In today’s world, we all know the importance of taking diversity seriously, but that doesn’t mean we always know the best way to go about it. How does an organization choose the proper training? How do they find the right vendor to conduct the training? And how should the results be evaluated to measure return on investment?

We’ll cover a few best practices for selecting and integrating diversity and inclusion training in today’s column.

Solicit Stakeholder Feedback

The first step at implementing a diversity program or diversity training is to get feedback from company stakeholders and key strategic leaders. You’ll want to know the company’s strategic direction, focus and diversity goals. The human resources team can be a great partner in helping you identify diversity objectives and goals if they haven’t already been determined.

Select a Training Program

Every diversity training program can be implemented differently, but you want to choose a program aligned with your company’s diversity goals.

After you’ve solicited feedback, you can then start to research the different diversity programs on the market. Every diversity training program can be implemented differently, but you want to choose a program aligned with your company’s diversity goals. You’ll also need to think about the way in which the training is delivered. For example, some training programs are more successfully implemented in a classroom setting, while others can be implemented virtually. You’ll want to choose a training program with a forum that is feasible for your organization, especially considering today’s Covid-19 environment.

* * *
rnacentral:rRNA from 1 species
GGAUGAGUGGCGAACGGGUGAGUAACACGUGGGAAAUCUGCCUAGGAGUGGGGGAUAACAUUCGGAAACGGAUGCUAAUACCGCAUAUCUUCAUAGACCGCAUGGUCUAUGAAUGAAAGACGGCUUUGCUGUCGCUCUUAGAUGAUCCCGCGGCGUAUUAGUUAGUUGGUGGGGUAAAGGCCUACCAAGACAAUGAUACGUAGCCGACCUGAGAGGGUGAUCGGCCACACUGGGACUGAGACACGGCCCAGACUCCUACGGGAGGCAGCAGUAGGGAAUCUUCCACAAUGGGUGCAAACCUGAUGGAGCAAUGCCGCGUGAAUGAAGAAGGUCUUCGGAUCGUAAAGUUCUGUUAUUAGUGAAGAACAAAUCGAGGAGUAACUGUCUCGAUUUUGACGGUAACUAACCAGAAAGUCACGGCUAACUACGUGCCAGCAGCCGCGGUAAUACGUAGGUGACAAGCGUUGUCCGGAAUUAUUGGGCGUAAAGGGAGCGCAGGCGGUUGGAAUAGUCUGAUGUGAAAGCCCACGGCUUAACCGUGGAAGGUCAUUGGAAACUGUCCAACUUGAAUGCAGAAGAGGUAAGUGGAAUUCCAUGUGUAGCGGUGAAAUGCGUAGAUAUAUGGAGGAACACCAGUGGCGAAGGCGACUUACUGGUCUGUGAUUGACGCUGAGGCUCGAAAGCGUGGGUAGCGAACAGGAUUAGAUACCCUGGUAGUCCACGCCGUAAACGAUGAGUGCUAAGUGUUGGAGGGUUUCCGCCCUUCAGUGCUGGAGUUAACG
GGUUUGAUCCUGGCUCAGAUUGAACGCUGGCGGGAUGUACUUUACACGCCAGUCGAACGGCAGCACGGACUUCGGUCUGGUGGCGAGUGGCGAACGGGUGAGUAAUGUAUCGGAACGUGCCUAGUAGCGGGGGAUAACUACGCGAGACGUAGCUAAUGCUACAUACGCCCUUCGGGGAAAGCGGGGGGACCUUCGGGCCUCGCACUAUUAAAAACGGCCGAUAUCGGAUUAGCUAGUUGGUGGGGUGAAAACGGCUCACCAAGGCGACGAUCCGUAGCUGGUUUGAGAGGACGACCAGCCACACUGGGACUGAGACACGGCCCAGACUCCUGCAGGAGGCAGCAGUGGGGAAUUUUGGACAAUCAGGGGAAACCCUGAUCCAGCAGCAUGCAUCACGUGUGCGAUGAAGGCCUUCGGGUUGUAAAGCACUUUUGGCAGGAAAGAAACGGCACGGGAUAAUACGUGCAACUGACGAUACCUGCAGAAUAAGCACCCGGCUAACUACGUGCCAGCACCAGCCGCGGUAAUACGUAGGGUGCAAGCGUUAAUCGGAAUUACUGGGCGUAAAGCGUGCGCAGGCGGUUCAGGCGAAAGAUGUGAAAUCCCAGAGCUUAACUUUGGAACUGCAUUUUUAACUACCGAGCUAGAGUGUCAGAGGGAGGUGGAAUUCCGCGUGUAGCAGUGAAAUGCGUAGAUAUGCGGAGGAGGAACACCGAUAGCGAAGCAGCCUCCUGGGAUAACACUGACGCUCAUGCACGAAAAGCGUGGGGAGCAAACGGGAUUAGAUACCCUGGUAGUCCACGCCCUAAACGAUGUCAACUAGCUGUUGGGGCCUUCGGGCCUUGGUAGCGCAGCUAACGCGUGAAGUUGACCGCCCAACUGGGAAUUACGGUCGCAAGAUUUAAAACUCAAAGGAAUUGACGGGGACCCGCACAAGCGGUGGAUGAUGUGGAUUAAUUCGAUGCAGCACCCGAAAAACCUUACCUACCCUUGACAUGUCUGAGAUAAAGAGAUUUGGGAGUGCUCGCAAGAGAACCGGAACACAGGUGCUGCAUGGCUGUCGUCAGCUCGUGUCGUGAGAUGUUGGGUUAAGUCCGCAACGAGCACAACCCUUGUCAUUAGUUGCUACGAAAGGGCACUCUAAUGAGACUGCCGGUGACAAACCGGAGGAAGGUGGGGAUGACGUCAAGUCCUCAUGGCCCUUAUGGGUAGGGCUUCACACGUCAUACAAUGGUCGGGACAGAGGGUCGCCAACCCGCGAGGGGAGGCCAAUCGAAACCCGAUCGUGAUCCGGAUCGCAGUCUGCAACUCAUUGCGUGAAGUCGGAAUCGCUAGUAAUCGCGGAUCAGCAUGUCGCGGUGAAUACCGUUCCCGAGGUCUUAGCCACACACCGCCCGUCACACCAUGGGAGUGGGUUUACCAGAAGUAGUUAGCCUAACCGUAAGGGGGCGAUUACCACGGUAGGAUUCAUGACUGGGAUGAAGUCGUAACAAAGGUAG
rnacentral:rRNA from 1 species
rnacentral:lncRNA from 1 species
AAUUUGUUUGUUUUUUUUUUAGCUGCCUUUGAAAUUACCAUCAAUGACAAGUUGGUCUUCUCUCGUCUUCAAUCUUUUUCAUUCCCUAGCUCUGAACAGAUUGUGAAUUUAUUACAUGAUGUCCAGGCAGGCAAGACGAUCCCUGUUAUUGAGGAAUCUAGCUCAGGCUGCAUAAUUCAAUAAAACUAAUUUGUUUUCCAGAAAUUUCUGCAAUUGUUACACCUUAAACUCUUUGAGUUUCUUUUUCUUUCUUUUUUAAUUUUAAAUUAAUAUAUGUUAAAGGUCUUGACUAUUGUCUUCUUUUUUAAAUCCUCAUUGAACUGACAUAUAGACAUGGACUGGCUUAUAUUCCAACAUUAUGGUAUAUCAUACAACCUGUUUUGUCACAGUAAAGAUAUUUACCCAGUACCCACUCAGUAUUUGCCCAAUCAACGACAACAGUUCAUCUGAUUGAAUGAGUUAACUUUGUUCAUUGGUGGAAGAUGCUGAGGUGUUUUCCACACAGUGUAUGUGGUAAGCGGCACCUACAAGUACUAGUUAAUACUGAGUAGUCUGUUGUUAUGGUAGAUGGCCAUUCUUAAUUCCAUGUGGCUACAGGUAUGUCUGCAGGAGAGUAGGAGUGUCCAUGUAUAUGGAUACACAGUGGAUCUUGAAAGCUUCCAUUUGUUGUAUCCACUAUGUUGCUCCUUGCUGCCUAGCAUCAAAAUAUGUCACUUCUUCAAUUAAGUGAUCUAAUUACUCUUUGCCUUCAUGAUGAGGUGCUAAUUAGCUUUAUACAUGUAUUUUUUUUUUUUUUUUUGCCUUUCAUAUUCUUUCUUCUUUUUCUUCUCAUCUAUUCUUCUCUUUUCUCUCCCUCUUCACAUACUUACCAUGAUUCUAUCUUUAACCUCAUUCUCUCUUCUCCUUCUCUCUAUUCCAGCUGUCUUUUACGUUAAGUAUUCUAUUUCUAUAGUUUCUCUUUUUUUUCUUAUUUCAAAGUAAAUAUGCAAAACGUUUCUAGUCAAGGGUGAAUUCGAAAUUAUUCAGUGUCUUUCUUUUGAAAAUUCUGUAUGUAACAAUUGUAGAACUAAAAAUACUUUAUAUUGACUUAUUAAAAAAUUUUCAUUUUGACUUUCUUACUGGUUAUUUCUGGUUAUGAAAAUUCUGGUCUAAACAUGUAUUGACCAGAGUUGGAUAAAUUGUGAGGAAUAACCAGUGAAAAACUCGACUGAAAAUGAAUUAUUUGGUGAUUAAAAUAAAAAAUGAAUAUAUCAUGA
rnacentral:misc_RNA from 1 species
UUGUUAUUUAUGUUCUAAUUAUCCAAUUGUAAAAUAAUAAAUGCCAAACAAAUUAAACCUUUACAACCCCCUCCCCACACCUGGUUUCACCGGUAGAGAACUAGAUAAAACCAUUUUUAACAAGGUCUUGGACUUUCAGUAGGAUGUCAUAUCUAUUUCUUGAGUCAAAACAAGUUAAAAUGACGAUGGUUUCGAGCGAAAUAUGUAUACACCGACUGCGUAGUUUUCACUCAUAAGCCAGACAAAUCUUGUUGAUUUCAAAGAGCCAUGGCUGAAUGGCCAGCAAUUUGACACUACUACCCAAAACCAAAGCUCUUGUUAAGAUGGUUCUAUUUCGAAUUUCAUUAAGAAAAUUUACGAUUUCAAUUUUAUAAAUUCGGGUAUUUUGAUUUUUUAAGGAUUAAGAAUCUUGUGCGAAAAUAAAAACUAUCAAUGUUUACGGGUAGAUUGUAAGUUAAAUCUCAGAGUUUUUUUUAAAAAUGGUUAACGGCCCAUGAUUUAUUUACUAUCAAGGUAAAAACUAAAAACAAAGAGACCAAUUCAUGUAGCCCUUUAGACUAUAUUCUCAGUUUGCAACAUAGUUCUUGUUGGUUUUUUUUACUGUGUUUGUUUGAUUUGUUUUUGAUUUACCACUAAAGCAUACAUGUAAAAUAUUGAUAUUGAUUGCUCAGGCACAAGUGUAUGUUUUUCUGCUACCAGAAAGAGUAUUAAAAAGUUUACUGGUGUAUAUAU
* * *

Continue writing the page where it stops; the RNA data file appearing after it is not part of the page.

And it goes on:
Evaluate Providers

Next, you’re ready to take a look at the providers of diversity training. The options can be overwhelming, but take the time to do your research. Review the feedback available from other companies that have implemented the training programs you’re considering. You’ll also want to research the various training providers to ensure they are reputable and have a track record of successful implementation. Once you’ve narrowed down your choices, set up demonstrations of the training and include stakeholders. This is a crucial piece of the puzzle, as the demonstration will give you a glimpse into how user friendly the training will be for your employees.

Create a “Diversity Mindset”

Even after soliciting stakeholder buy-in, selecting a training program that aligns with company goals, and implementing training via a top-notch vendor, you still aren’t guaranteed success. The fourth critical best practice to implementing diversity training is nurturing a “diversity mindset” throughout your organization.

The intent should be to inform and prepare the organization for the change. Diversity training is a change — it should aim to change the mindset of employees and foster a more open and receptive culture. Organizational leaders and managers should practice intentional change management strategies to ensure employees are prepared and receptive before diversity training is implemented.

Following these best practices will not only ensure you’re able to choose the right training program for your company, but can also facilitate strong organizational buy-in and long-term success for your diversity initiatives.